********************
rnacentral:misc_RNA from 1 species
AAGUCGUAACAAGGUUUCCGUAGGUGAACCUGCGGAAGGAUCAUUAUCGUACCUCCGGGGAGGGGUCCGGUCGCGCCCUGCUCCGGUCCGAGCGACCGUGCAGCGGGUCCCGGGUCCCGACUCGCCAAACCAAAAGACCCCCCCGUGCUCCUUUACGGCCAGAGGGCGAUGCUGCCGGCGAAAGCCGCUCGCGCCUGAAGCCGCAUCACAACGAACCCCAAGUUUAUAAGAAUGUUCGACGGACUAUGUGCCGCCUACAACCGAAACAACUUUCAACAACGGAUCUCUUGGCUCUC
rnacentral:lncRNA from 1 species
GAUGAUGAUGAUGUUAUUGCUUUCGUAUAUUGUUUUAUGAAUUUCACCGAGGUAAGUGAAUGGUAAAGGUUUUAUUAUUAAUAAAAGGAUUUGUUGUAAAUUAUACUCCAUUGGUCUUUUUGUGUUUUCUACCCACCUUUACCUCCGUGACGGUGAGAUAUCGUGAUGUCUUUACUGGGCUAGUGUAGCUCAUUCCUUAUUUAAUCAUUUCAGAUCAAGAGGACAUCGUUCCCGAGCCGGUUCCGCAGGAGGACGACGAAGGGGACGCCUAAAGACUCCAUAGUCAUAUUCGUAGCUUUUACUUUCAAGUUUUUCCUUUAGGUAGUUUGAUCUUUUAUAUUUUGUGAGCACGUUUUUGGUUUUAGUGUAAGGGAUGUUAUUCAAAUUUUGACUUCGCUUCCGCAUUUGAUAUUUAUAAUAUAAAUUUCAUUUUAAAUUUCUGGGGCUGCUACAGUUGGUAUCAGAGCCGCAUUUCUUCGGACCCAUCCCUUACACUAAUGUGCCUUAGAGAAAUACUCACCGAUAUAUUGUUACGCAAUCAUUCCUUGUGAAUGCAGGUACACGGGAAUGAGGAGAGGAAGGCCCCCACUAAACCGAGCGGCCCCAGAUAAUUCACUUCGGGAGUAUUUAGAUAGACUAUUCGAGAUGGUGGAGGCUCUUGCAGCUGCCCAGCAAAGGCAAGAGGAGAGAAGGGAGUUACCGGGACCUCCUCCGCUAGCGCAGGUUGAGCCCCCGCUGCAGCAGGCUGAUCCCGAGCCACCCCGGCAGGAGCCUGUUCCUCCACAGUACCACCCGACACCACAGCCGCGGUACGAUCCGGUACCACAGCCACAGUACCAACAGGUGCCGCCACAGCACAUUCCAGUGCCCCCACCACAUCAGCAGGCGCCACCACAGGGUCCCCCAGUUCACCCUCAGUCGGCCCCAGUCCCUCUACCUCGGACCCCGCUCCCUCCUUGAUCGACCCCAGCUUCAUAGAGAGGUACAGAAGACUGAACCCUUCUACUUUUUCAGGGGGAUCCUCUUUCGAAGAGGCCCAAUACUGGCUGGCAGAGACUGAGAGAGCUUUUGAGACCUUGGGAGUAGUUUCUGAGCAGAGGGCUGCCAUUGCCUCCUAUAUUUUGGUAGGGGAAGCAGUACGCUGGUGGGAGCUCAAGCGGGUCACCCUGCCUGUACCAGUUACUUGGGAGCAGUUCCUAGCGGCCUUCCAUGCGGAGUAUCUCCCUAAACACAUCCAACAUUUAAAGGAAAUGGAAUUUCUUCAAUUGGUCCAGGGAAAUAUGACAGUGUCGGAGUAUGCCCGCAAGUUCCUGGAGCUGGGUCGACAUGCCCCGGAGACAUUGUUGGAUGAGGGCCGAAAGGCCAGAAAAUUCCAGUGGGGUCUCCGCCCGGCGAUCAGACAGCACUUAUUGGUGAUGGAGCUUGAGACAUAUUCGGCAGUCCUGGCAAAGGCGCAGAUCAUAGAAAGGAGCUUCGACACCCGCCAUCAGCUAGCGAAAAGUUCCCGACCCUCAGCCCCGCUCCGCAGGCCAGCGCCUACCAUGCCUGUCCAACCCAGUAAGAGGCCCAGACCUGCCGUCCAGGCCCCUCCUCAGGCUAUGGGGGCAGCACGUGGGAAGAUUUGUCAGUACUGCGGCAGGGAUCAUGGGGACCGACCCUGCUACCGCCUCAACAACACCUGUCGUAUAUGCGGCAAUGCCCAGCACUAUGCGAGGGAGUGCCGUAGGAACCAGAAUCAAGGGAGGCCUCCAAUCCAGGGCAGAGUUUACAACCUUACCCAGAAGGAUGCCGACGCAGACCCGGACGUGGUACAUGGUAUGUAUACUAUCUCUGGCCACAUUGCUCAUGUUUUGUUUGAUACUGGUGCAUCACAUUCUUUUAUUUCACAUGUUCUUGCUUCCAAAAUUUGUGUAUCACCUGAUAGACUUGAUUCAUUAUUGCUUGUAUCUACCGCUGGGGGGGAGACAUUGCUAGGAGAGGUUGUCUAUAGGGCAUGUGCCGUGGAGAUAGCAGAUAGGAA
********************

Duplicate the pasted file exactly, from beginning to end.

rnacentral:misc_RNA from 1 species
AAGUCGUAACAAGGUUUCCGUAGGUGAACCUGCGGAAGGAUCAUUAUCGUACCUCCGGGGAGGGGUCCGGUCGCGCCCUGCUCCGGUCCGAGCGACCGUGCAGCGGGUCCCGGGUCCCGACUCGCCAAACCAAAAGACCCCCCCGUGCUCCUUUACGGCCAGAGGGCGAUGCUGCCGGCGAAAGCCGCUCGCGCCUGAAGCCGCAUCACAACGAACCCCAAGUUUAUAAGAAUGUUCGACGGACUAUGUGCCGCCUACAACCGAAACAACUUUCAACAACGGAUCUCUUGGCUCUC
rnacentral:lncRNA from 1 species
GAUGAUGAUGAUGUUAUUGCUUUCGUAUAUUGUUUUAUGAAUUUCACCGAGGUAAGUGAAUGGUAAAGGUUUUAUUAUUAAUAAAAGGAUUUGUUGUAAAUUAUACUCCAUUGGUCUUUUUGUGUUUUCUACCCACCUUUACCUCCGUGACGGUGAGAUAUCGUGAUGUCUUUACUGGGCUAGUGUAGCUCAUUCCUUAUUUAAUCAUUUCAGAUCAAGAGGACAUCGUUCCCGAGCCGGUUCCGCAGGAGGACGACGAAGGGGACGCCUAAAGACUCCAUAGUCAUAUUCGUAGCUUUUACUUUCAAGUUUUUCCUUUAGGUAGUUUGAUCUUUUAUAUUUUGUGAGCACGUUUUUGGUUUUAGUGUAAGGGAUGUUAUUCAAAUUUUGACUUCGCUUCCGCAUUUGAUAUUUAUAAUAUAAAUUUCAUUUUAAAUUUCUGGGGCUGCUACAGUUGGUAUCAGAGCCGCAUUUCUUCGGACCCAUCCCUUACACUAAUGUGCCUUAGAGAAAUACUCACCGAUAUAUUGUUACGCAAUCAUUCCUUGUGAAUGCAGGUACACGGGAAUGAGGAGAGGAAGGCCCCCACUAAACCGAGCGGCCCCAGAUAAUUCACUUCGGGAGUAUUUAGAUAGACUAUUCGAGAUGGUGGAGGCUCUUGCAGCUGCCCAGCAAAGGCAAGAGGAGAGAAGGGAGUUACCGGGACCUCCUCCGCUAGCGCAGGUUGAGCCCCCGCUGCAGCAGGCUGAUCCCGAGCCACCCCGGCAGGAGCCUGUUCCUCCACAGUACCACCCGACACCACAGCCGCGGUACGAUCCGGUACCACAGCCACAGUACCAACAGGUGCCGCCACAGCACAUUCCAGUGCCCCCACCACAUCAGCAGGCGCCACCACAGGGUCCCCCAGUUCACCCUCAGUCGGCCCCAGUCCCUCUACCUCGGACCCCGCUCCCUCCUUGAUCGACCCCAGCUUCAUAGAGAGGUACAGAAGACUGAACCCUUCUACUUUUUCAGGGGGAUCCUCUUUCGAAGAGGCCCAAUACUGGCUGGCAGAGACUGAGAGAGCUUUUGAGACCUUGGGAGUAGUUUCUGAGCAGAGGGCUGCCAUUGCCUCCUAUAUUUUGGUAGGGGAAGCAGUACGCUGGUGGGAGCUCAAGCGGGUCACCCUGCCUGUACCAGUUACUUGGGAGCAGUUCCUAGCGGCCUUCCAUGCGGAGUAUCUCCCUAAACACAUCCAACAUUUAAAGGAAAUGGAAUUUCUUCAAUUGGUCCAGGGAAAUAUGACAGUGUCGGAGUAUGCCCGCAAGUUCCUGGAGCUGGGUCGACAUGCCCCGGAGACAUUGUUGGAUGAGGGCCGAAAGGCCAGAAAAUUCCAGUGGGGUCUCCGCCCGGCGAUCAGACAGCACUUAUUGGUGAUGGAGCUUGAGACAUAUUCGGCAGUCCUGGCAAAGGCGCAGAUCAUAGAAAGGAGCUUCGACACCCGCCAUCAGCUAGCGAAAAGUUCCCGACCCUCAGCCCCGCUCCGCAGGCCAGCGCCUACCAUGCCUGUCCAACCCAGUAAGAGGCCCAGACCUGCCGUCCAGGCCCCUCCUCAGGCUAUGGGGGCAGCACGUGGGAAGAUUUGUCAGUACUGCGGCAGGGAUCAUGGGGACCGACCCUGCUACCGCCUCAACAACACCUGUCGUAUAUGCGGCAAUGCCCAGCACUAUGCGAGGGAGUGCCGUAGGAACCAGAAUCAAGGGAGGCCUCCAAUCCAGGGCAGAGUUUACAACCUUACCCAGAAGGAUGCCGACGCAGACCCGGACGUGGUACAUGGUAUGUAUACUAUCUCUGGCCACAUUGCUCAUGUUUUGUUUGAUACUGGUGCAUCACAUUCUUUUAUUUCACAUGUUCUUGCUUCCAAAAUUUGUGUAUCACCUGAUAGACUUGAUUCAUUAUUGCUUGUAUCUACCGCUGGGGGGGAGACAUUGCUAGGAGAGGUUGUCUAUAGGGCAUGUGCCGUGGAGAUAGCAGAUAGGAA